From "Yogesh Pahuja" : Dear Members,
we are talking about Organisational Behaviour.
A typical OB thought says as follows:
Why do people join groups?
Goal achievement
What are your views? why does a person belong or tend to belong to a certain formal or informal group in an organisation and what could be the reason for it?
this can be a hot discussion topic for all those interested in OB - group dynamics...lets see what the forum makes out of it and what we learn from our contributions.
Yogesh Pahuja
11th October 2006 From India, Ahmadabad

Hey Yogesh,
It's a nice discussion topic.
In my opinion people join groups for different reasons at different times. It really depends on the circumstances. But what you have mentioned covers the major reasons why do they join a group.
I could think of only minor reasons like:
Conspiracy (but again that is to attain some goal/objective)
12th October 2006 From India, Mumbai
This is what I think the groups are formed for:

Groups - Individuals who work together for a common goal

Corporations, when recruiting an employee, are preoccupied with qualifications, experiences, and achievements of individuals. They spend resources in selection, development, training, motivation, and promotion of individuals. Yet do not understand the fact that an ideal employee for a given job can never exist.

Since an ideal employee cannot be found, a team of individuals are certainly required to do a particular job. Further more a whole team is unlikely to step under the bus simultaneously. This is why it is not the individual but the team that is the instrument of sustained and enduring success.

What does it take to make a team?

Individuals, who are not equal in talent, experience or education, but equal in commitment, make a team.

Teams are more flexible than large organisation groups because they can be more quickly assembled, deployed, refocused, and disbanded.

Groups which have no clear performance objectives are often less productive than teams.

What is a Work Team?

"A team is a small number of people with complementary skills who are committed to a common purpose, performance goals, and approach for which they hold themselves mutually accountable." - from Katzenbach and Smith: The Wisdom of Teams.

To further explain the above definition:

Small Number - The 'small number' is anywhere from 2 to 25 members. Size of the team depends on the following parameters:

Meaningful purpose

Specific performance goals

Common approach

Complementary skills and

Mutual accountability

These five aspects are absolute necessities for a team. A larger number of people can theoretically become a team, but such teams are more likely to break into sub-teams rather than function as a single team.

# Complementary Skills - The real benefit of synergy is realised when a group is diverse, and has various ideas and multiple skills.

Common Purpose - This is the driving force for teams. The team starts with the organisation's mission statement, develops it's own purpose. This purpose must be meaningful and must have ownership by everyone, both as an individual and a group. A team will constantly revisit the purpose by refining and making it more relevant as the team develops. This is the process of being 'Self Directed.'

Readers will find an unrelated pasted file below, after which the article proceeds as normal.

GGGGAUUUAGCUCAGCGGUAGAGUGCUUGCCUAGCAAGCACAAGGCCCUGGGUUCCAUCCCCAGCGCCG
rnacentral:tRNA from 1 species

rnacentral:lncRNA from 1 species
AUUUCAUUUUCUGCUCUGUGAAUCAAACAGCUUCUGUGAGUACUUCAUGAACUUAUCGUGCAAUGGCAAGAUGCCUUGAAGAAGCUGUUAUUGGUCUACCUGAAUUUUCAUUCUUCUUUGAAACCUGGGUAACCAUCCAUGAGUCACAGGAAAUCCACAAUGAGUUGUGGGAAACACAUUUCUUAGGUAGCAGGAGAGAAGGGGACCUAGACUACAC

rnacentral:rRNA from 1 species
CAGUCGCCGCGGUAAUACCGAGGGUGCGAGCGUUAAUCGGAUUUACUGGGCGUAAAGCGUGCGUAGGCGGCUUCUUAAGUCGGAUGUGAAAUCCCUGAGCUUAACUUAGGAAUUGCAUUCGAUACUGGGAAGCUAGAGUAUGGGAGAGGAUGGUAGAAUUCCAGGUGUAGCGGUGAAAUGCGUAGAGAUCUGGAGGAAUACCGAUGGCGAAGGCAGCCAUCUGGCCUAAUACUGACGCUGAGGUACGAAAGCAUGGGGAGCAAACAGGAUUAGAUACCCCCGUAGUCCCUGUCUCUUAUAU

# Performance Goals - The team needs to have a common goal or a set of goals. These goals must be achievable, sensible, and should be shared by the team. A group that talks like a team and looks like a team may not be a team. Teams, are a means to achieve an end – which is performance and not an end in themselves. The team is an acting, moving, and energising force. Specific performance goals are established, tracked, met and evaluated in an ongoing process. This progression of successful outcomes establishes trust and credibility among team members, and fuels the team to handle larger challenges. The focus is on performance and not on teamwork.

# Common Approach - Team members must agree on how they will work together. Many teams have developed their own charter or a set of rules that outline the expected behaviour of members. Members often assume roles of a Questioner, Historian, Timekeeper and Facilitator, to keep the team’s process moving. All the players in the team must have a part to play. Individual performance must be measured and rewarded. At team meetings, however, the emphasis should be on collective accomplishments and failures,and reviewing the teams procedures and processes.

# Mutually Accountable - This aspect of teamwork is usually the last to develop. It is also the most difficult to quantify.

People who readily agree to teams being more productive than groups, however, are reluctant to rely on teams. This resistance may arise due to many reasons but it is powerful as it is grounded deeply in the views of individualism. Real teams always find ways for each individual to contribute and thereby gain distinction.

Thus we can say that teams - real teams and not groups that management calls "teams"-should be the basic unit of performance for most organisations. A team whose members are aligned with its purpose, feel a challenge in their task, have a strong sense of camaraderie, feel responsible for the outcome, and experience growth as a team, will tend to sustain motivation in the long run.


12th October 2006 From India, Delhi
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